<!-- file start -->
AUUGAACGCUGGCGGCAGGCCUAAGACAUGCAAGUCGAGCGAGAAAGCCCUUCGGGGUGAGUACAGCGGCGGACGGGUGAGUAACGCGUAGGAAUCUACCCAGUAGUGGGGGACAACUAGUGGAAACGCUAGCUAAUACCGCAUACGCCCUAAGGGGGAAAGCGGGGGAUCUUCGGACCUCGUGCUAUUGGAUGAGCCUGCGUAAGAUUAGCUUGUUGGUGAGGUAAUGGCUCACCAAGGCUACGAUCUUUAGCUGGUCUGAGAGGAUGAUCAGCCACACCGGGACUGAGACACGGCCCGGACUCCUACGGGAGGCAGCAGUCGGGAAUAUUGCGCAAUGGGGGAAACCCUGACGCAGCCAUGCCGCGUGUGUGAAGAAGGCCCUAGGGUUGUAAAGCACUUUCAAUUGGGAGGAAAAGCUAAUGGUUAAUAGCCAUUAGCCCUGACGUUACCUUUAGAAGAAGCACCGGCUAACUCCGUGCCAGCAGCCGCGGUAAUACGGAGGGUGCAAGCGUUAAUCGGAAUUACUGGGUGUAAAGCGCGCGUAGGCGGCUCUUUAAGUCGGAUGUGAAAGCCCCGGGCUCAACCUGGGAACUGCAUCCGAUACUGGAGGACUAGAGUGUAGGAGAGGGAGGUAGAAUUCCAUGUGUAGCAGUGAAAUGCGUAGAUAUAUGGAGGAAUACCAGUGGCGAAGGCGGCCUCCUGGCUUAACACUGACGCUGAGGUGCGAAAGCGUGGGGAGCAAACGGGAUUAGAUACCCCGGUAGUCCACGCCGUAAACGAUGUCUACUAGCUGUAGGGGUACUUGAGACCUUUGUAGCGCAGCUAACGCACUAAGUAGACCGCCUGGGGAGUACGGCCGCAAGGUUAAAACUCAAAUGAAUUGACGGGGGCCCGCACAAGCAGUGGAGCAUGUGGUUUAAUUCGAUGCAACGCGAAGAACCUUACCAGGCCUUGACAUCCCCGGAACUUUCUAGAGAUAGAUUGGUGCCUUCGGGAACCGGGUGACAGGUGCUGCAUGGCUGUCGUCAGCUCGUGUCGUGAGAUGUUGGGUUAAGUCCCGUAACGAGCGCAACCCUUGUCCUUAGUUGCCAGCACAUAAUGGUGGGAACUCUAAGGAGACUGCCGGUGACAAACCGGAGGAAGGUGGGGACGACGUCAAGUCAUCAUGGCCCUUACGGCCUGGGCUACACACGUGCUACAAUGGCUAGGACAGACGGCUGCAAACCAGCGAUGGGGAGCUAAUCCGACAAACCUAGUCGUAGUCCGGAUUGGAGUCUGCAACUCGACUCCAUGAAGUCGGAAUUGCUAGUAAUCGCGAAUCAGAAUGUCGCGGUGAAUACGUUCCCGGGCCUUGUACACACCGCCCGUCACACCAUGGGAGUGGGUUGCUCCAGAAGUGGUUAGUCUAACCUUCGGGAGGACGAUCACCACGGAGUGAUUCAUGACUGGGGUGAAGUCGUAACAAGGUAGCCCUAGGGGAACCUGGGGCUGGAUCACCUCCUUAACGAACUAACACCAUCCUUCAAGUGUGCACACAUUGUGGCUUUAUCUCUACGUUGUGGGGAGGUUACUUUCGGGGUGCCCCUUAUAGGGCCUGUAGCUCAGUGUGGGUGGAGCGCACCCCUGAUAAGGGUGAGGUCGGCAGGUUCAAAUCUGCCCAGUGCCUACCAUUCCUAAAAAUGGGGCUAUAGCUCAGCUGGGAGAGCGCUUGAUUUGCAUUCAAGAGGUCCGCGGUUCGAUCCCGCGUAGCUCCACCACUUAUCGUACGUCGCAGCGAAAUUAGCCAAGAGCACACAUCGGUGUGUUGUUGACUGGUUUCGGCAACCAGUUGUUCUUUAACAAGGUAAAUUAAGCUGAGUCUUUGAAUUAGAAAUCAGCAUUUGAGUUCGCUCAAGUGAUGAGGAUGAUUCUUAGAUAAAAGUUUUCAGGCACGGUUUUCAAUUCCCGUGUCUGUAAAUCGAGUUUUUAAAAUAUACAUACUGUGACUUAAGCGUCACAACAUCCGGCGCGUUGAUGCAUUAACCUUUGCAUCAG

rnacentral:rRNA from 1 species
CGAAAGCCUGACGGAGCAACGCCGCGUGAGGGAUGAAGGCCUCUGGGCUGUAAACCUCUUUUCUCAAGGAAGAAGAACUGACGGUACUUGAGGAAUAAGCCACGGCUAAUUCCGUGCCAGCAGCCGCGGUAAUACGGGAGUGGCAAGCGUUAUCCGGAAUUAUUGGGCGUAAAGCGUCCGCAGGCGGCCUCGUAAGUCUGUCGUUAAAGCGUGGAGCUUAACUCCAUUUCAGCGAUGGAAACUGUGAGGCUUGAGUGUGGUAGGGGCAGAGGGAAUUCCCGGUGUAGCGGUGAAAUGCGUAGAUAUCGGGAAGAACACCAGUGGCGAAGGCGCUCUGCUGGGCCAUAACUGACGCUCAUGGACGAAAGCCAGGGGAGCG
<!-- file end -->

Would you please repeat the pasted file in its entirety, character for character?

AUUGAACGCUGGCGGCAGGCCUAAGACAUGCAAGUCGAGCGAGAAAGCCCUUCGGGGUGAGUACAGCGGCGGACGGGUGAGUAACGCGUAGGAAUCUACCCAGUAGUGGGGGACAACUAGUGGAAACGCUAGCUAAUACCGCAUACGCCCUAAGGGGGAAAGCGGGGGAUCUUCGGACCUCGUGCUAUUGGAUGAGCCUGCGUAAGAUUAGCUUGUUGGUGAGGUAAUGGCUCACCAAGGCUACGAUCUUUAGCUGGUCUGAGAGGAUGAUCAGCCACACCGGGACUGAGACACGGCCCGGACUCCUACGGGAGGCAGCAGUCGGGAAUAUUGCGCAAUGGGGGAAACCCUGACGCAGCCAUGCCGCGUGUGUGAAGAAGGCCCUAGGGUUGUAAAGCACUUUCAAUUGGGAGGAAAAGCUAAUGGUUAAUAGCCAUUAGCCCUGACGUUACCUUUAGAAGAAGCACCGGCUAACUCCGUGCCAGCAGCCGCGGUAAUACGGAGGGUGCAAGCGUUAAUCGGAAUUACUGGGUGUAAAGCGCGCGUAGGCGGCUCUUUAAGUCGGAUGUGAAAGCCCCGGGCUCAACCUGGGAACUGCAUCCGAUACUGGAGGACUAGAGUGUAGGAGAGGGAGGUAGAAUUCCAUGUGUAGCAGUGAAAUGCGUAGAUAUAUGGAGGAAUACCAGUGGCGAAGGCGGCCUCCUGGCUUAACACUGACGCUGAGGUGCGAAAGCGUGGGGAGCAAACGGGAUUAGAUACCCCGGUAGUCCACGCCGUAAACGAUGUCUACUAGCUGUAGGGGUACUUGAGACCUUUGUAGCGCAGCUAACGCACUAAGUAGACCGCCUGGGGAGUACGGCCGCAAGGUUAAAACUCAAAUGAAUUGACGGGGGCCCGCACAAGCAGUGGAGCAUGUGGUUUAAUUCGAUGCAACGCGAAGAACCUUACCAGGCCUUGACAUCCCCGGAACUUUCUAGAGAUAGAUUGGUGCCUUCGGGAACCGGGUGACAGGUGCUGCAUGGCUGUCGUCAGCUCGUGUCGUGAGAUGUUGGGUUAAGUCCCGUAACGAGCGCAACCCUUGUCCUUAGUUGCCAGCACAUAAUGGUGGGAACUCUAAGGAGACUGCCGGUGACAAACCGGAGGAAGGUGGGGACGACGUCAAGUCAUCAUGGCCCUUACGGCCUGGGCUACACACGUGCUACAAUGGCUAGGACAGACGGCUGCAAACCAGCGAUGGGGAGCUAAUCCGACAAACCUAGUCGUAGUCCGGAUUGGAGUCUGCAACUCGACUCCAUGAAGUCGGAAUUGCUAGUAAUCGCGAAUCAGAAUGUCGCGGUGAAUACGUUCCCGGGCCUUGUACACACCGCCCGUCACACCAUGGGAGUGGGUUGCUCCAGAAGUGGUUAGUCUAACCUUCGGGAGGACGAUCACCACGGAGUGAUUCAUGACUGGGGUGAAGUCGUAACAAGGUAGCCCUAGGGGAACCUGGGGCUGGAUCACCUCCUUAACGAACUAACACCAUCCUUCAAGUGUGCACACAUUGUGGCUUUAUCUCUACGUUGUGGGGAGGUUACUUUCGGGGUGCCCCUUAUAGGGCCUGUAGCUCAGUGUGGGUGGAGCGCACCCCUGAUAAGGGUGAGGUCGGCAGGUUCAAAUCUGCCCAGUGCCUACCAUUCCUAAAAAUGGGGCUAUAGCUCAGCUGGGAGAGCGCUUGAUUUGCAUUCAAGAGGUCCGCGGUUCGAUCCCGCGUAGCUCCACCACUUAUCGUACGUCGCAGCGAAAUUAGCCAAGAGCACACAUCGGUGUGUUGUUGACUGGUUUCGGCAACCAGUUGUUCUUUAACAAGGUAAAUUAAGCUGAGUCUUUGAAUUAGAAAUCAGCAUUUGAGUUCGCUCAAGUGAUGAGGAUGAUUCUUAGAUAAAAGUUUUCAGGCACGGUUUUCAAUUCCCGUGUCUGUAAAUCGAGUUUUUAAAAUAUACAUACUGUGACUUAAGCGUCACAACAUCCGGCGCGUUGAUGCAUUAACCUUUGCAUCAG

rnacentral:rRNA from 1 species
CGAAAGCCUGACGGAGCAACGCCGCGUGAGGGAUGAAGGCCUCUGGGCUGUAAACCUCUUUUCUCAAGGAAGAAGAACUGACGGUACUUGAGGAAUAAGCCACGGCUAAUUCCGUGCCAGCAGCCGCGGUAAUACGGGAGUGGCAAGCGUUAUCCGGAAUUAUUGGGCGUAAAGCGUCCGCAGGCGGCCUCGUAAGUCUGUCGUUAAAGCGUGGAGCUUAACUCCAUUUCAGCGAUGGAAACUGUGAGGCUUGAGUGUGGUAGGGGCAGAGGGAAUUCCCGGUGUAGCGGUGAAAUGCGUAGAUAUCGGGAAGAACACCAGUGGCGAAGGCGCUCUGCUGGGCCAUAACUGACGCUCAUGGACGAAAGCCAGGGGAGCG